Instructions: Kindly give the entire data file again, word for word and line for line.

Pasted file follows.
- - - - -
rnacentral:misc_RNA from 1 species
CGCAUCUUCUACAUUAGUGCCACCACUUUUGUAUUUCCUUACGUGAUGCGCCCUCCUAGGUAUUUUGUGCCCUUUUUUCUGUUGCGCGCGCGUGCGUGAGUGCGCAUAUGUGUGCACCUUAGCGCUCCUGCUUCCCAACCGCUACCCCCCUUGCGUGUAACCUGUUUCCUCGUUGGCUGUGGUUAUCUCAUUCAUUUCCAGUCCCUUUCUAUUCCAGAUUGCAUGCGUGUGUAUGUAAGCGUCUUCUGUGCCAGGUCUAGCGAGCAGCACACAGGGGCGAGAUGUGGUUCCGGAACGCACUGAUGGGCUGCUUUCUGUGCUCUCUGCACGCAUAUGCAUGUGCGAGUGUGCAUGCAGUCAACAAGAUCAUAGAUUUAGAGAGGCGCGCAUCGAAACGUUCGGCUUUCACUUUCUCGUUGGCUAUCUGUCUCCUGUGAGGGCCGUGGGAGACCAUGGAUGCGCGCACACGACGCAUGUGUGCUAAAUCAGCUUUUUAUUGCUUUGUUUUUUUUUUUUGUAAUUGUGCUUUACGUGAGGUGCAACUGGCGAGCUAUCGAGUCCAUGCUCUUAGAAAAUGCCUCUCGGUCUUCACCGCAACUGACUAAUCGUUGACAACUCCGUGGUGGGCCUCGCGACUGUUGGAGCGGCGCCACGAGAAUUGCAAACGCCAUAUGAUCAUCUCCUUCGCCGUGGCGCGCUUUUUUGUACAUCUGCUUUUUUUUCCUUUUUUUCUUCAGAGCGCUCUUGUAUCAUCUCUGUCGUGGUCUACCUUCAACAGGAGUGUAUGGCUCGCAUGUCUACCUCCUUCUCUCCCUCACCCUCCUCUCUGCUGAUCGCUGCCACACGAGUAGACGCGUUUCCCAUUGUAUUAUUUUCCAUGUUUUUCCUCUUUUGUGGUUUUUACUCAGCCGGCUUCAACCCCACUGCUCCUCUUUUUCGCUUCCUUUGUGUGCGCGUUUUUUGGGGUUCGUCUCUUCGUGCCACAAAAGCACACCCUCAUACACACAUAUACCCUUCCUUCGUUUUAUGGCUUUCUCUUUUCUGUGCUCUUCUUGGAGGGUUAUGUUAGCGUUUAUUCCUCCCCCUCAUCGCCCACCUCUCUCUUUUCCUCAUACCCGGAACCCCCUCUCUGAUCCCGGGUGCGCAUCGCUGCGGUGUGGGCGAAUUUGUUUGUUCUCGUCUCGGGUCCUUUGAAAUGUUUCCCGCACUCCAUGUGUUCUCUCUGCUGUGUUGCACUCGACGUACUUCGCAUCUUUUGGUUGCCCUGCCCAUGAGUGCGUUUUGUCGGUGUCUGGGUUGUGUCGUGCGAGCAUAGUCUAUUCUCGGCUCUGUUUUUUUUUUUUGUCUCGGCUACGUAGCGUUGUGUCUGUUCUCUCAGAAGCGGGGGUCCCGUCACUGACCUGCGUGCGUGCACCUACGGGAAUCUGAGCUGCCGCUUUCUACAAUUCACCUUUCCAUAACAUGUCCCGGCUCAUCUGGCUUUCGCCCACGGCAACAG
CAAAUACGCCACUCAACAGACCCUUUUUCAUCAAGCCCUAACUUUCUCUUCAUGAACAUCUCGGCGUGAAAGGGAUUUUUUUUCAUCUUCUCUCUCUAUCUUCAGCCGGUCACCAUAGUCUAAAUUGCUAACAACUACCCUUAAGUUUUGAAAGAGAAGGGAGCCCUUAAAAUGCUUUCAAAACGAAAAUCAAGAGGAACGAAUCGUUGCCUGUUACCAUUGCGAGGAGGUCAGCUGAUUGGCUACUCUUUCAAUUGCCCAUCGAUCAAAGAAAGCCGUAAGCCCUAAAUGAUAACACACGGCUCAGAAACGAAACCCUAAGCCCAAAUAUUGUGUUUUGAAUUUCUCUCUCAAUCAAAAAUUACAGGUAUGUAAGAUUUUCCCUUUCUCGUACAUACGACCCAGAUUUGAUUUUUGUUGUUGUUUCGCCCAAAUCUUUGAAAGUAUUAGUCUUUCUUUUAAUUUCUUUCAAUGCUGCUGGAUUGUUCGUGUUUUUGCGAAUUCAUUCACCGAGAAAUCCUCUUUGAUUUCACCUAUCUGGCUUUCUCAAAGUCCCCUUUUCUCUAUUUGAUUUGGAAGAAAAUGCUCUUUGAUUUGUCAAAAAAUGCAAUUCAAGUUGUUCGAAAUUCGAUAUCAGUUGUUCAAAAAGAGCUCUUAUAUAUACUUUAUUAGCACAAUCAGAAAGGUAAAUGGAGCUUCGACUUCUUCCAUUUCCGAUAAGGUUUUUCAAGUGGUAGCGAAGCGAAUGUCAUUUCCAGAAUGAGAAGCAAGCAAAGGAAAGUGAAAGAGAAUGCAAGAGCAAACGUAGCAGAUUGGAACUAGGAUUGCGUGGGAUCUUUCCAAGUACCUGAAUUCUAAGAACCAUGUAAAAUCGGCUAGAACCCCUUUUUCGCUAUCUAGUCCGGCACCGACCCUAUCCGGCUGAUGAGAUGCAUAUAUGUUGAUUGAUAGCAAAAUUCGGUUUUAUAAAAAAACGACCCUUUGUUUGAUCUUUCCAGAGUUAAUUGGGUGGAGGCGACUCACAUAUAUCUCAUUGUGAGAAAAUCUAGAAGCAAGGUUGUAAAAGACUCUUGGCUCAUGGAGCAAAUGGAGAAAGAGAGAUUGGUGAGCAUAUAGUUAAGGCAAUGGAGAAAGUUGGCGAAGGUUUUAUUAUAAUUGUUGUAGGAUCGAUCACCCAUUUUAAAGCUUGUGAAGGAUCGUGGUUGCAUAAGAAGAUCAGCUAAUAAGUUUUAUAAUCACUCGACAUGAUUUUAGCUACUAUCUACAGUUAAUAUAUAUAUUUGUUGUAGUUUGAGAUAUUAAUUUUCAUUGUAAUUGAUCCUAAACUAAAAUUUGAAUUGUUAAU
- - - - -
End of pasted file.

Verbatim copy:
rnacentral:misc_RNA from 1 species
CGCAUCUUCUACAUUAGUGCCACCACUUUUGUAUUUCCUUACGUGAUGCGCCCUCCUAGGUAUUUUGUGCCCUUUUUUCUGUUGCGCGCGCGUGCGUGAGUGCGCAUAUGUGUGCACCUUAGCGCUCCUGCUUCCCAACCGCUACCCCCCUUGCGUGUAACCUGUUUCCUCGUUGGCUGUGGUUAUCUCAUUCAUUUCCAGUCCCUUUCUAUUCCAGAUUGCAUGCGUGUGUAUGUAAGCGUCUUCUGUGCCAGGUCUAGCGAGCAGCACACAGGGGCGAGAUGUGGUUCCGGAACGCACUGAUGGGCUGCUUUCUGUGCUCUCUGCACGCAUAUGCAUGUGCGAGUGUGCAUGCAGUCAACAAGAUCAUAGAUUUAGAGAGGCGCGCAUCGAAACGUUCGGCUUUCACUUUCUCGUUGGCUAUCUGUCUCCUGUGAGGGCCGUGGGAGACCAUGGAUGCGCGCACACGACGCAUGUGUGCUAAAUCAGCUUUUUAUUGCUUUGUUUUUUUUUUUUGUAAUUGUGCUUUACGUGAGGUGCAACUGGCGAGCUAUCGAGUCCAUGCUCUUAGAAAAUGCCUCUCGGUCUUCACCGCAACUGACUAAUCGUUGACAACUCCGUGGUGGGCCUCGCGACUGUUGGAGCGGCGCCACGAGAAUUGCAAACGCCAUAUGAUCAUCUCCUUCGCCGUGGCGCGCUUUUUUGUACAUCUGCUUUUUUUUCCUUUUUUUCUUCAGAGCGCUCUUGUAUCAUCUCUGUCGUGGUCUACCUUCAACAGGAGUGUAUGGCUCGCAUGUCUACCUCCUUCUCUCCCUCACCCUCCUCUCUGCUGAUCGCUGCCACACGAGUAGACGCGUUUCCCAUUGUAUUAUUUUCCAUGUUUUUCCUCUUUUGUGGUUUUUACUCAGCCGGCUUCAACCCCACUGCUCCUCUUUUUCGCUUCCUUUGUGUGCGCGUUUUUUGGGGUUCGUCUCUUCGUGCCACAAAAGCACACCCUCAUACACACAUAUACCCUUCCUUCGUUUUAUGGCUUUCUCUUUUCUGUGCUCUUCUUGGAGGGUUAUGUUAGCGUUUAUUCCUCCCCCUCAUCGCCCACCUCUCUCUUUUCCUCAUACCCGGAACCCCCUCUCUGAUCCCGGGUGCGCAUCGCUGCGGUGUGGGCGAAUUUGUUUGUUCUCGUCUCGGGUCCUUUGAAAUGUUUCCCGCACUCCAUGUGUUCUCUCUGCUGUGUUGCACUCGACGUACUUCGCAUCUUUUGGUUGCCCUGCCCAUGAGUGCGUUUUGUCGGUGUCUGGGUUGUGUCGUGCGAGCAUAGUCUAUUCUCGGCUCUGUUUUUUUUUUUUGUCUCGGCUACGUAGCGUUGUGUCUGUUCUCUCAGAAGCGGGGGUCCCGUCACUGACCUGCGUGCGUGCACCUACGGGAAUCUGAGCUGCCGCUUUCUACAAUUCACCUUUCCAUAACAUGUCCCGGCUCAUCUGGCUUUCGCCCACGGCAACAG
CAAAUACGCCACUCAACAGACCCUUUUUCAUCAAGCCCUAACUUUCUCUUCAUGAACAUCUCGGCGUGAAAGGGAUUUUUUUUCAUCUUCUCUCUCUAUCUUCAGCCGGUCACCAUAGUCUAAAUUGCUAACAACUACCCUUAAGUUUUGAAAGAGAAGGGAGCCCUUAAAAUGCUUUCAAAACGAAAAUCAAGAGGAACGAAUCGUUGCCUGUUACCAUUGCGAGGAGGUCAGCUGAUUGGCUACUCUUUCAAUUGCCCAUCGAUCAAAGAAAGCCGUAAGCCCUAAAUGAUAACACACGGCUCAGAAACGAAACCCUAAGCCCAAAUAUUGUGUUUUGAAUUUCUCUCUCAAUCAAAAAUUACAGGUAUGUAAGAUUUUCCCUUUCUCGUACAUACGACCCAGAUUUGAUUUUUGUUGUUGUUUCGCCCAAAUCUUUGAAAGUAUUAGUCUUUCUUUUAAUUUCUUUCAAUGCUGCUGGAUUGUUCGUGUUUUUGCGAAUUCAUUCACCGAGAAAUCCUCUUUGAUUUCACCUAUCUGGCUUUCUCAAAGUCCCCUUUUCUCUAUUUGAUUUGGAAGAAAAUGCUCUUUGAUUUGUCAAAAAAUGCAAUUCAAGUUGUUCGAAAUUCGAUAUCAGUUGUUCAAAAAGAGCUCUUAUAUAUACUUUAUUAGCACAAUCAGAAAGGUAAAUGGAGCUUCGACUUCUUCCAUUUCCGAUAAGGUUUUUCAAGUGGUAGCGAAGCGAAUGUCAUUUCCAGAAUGAGAAGCAAGCAAAGGAAAGUGAAAGAGAAUGCAAGAGCAAACGUAGCAGAUUGGAACUAGGAUUGCGUGGGAUCUUUCCAAGUACCUGAAUUCUAAGAACCAUGUAAAAUCGGCUAGAACCCCUUUUUCGCUAUCUAGUCCGGCACCGACCCUAUCCGGCUGAUGAGAUGCAUAUAUGUUGAUUGAUAGCAAAAUUCGGUUUUAUAAAAAAACGACCCUUUGUUUGAUCUUUCCAGAGUUAAUUGGGUGGAGGCGACUCACAUAUAUCUCAUUGUGAGAAAAUCUAGAAGCAAGGUUGUAAAAGACUCUUGGCUCAUGGAGCAAAUGGAGAAAGAGAGAUUGGUGAGCAUAUAGUUAAGGCAAUGGAGAAAGUUGGCGAAGGUUUUAUUAUAAUUGUUGUAGGAUCGAUCACCCAUUUUAAAGCUUGUGAAGGAUCGUGGUUGCAUAAGAAGAUCAGCUAAUAAGUUUUAUAAUCACUCGACAUGAUUUUAGCUACUAUCUACAGUUAAUAUAUAUAUUUGUUGUAGUUUGAGAUAUUAAUUUUCAUUGUAAUUGAUCCUAAACUAAAAUUUGAAUUGUUAAU